- Earn 7 miles per dollar spent ($72). If you fly on $3,000 worth of revenue tickets, you’ll earn an additional 6,000 miles, worth $72.
- Waived baggage fees ($100). Since there are so many Delta credit cards that offer this waiver, I’d say this is worth $100, which is equal to four checked bags on one-way segments, or about the same as the $95 annual fee of the Gold Delta SkyMiles Credit Card from American Express.
- Priority check-in ($25) This benefit sounds great, but since many frequent flyers rarely check bags, and all travelers are being encouraged to use kiosks anyway, it has little real value.
- Priority boarding ($25). It’s hard to put a value on this, but it might occasionally mean the difference in getting to put your bag in an overhead bin on a crowded flight.
- Unlimited complimentary first class upgrades at booking from full fare economy tickets ($100). This is a tough benefit to value because it depends on your travel patterns. Those who fly often on full fare tickets can get great use out of it.
- The possibility of first class upgrades from most discounted fares at one day before departure ($200). I hear upgrades for Silver Medallion members are few and far between, but leisure travelers might get one occasionally if a flight isn’t very full.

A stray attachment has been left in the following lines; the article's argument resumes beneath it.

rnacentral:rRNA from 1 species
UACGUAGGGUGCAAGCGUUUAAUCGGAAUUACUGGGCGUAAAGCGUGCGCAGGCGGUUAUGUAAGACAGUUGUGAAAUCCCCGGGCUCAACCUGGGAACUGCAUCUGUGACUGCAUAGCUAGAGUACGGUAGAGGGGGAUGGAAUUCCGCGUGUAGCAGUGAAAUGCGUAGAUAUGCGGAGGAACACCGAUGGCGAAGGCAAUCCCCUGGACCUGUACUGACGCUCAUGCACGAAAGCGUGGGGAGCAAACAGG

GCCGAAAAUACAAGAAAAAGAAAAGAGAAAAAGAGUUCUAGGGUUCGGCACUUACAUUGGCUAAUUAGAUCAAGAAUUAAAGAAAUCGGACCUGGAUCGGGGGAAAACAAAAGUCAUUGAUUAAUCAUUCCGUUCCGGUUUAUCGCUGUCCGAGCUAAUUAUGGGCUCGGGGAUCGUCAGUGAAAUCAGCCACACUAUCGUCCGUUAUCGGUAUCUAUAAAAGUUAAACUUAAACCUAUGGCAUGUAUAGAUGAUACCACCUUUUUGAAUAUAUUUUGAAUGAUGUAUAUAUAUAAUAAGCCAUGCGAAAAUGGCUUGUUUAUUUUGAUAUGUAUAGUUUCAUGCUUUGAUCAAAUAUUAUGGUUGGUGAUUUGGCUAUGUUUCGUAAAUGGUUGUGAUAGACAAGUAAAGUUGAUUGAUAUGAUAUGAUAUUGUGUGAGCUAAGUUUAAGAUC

- Unlimited complimentary companion upgrades ($100). You don’t have to choose between sitting together in coach versus getting upgraded, but your chances of receiving this as a Silver are pretty slim.
- Complimentary preferred seats ($50). You don’t have to pay seat selection fees to avoid a middle seat in the back of the plane, assuming you don’t receive an upgrade to Comfort+ or First.
- Complimentary Economy Comfort seats ($100). These are available at 24 hours before departure (assuming you don’t get an upgrade to First). This service will be rebranded as “Comfort+” in March 2015.
- The ability to earn both SkyMiles and Starpoints when staying at Starwood hotels ($25). Thanks to the Crossover Rewards program, you can earn 1 mile per dollar spent at Starwood properties. If you’re also a Starwood elite, this can be a nice bonus.
- Priority telephone line reps ($25).
Gold Medallion status requires earning 50,000 MQMs or completing 60 MQSs, and spending $5,000 on Delta flights. The same spending waivers apply as for Silver Medallion status.
Additional Benefits: $1,600 (total of $2,400)
- Earn 8 miles per dollar spent ($72). If you fly on $6,000 worth of revenue tickets, you will earn an additional 6,000 miles more than you would have if you were Silver, worth $72.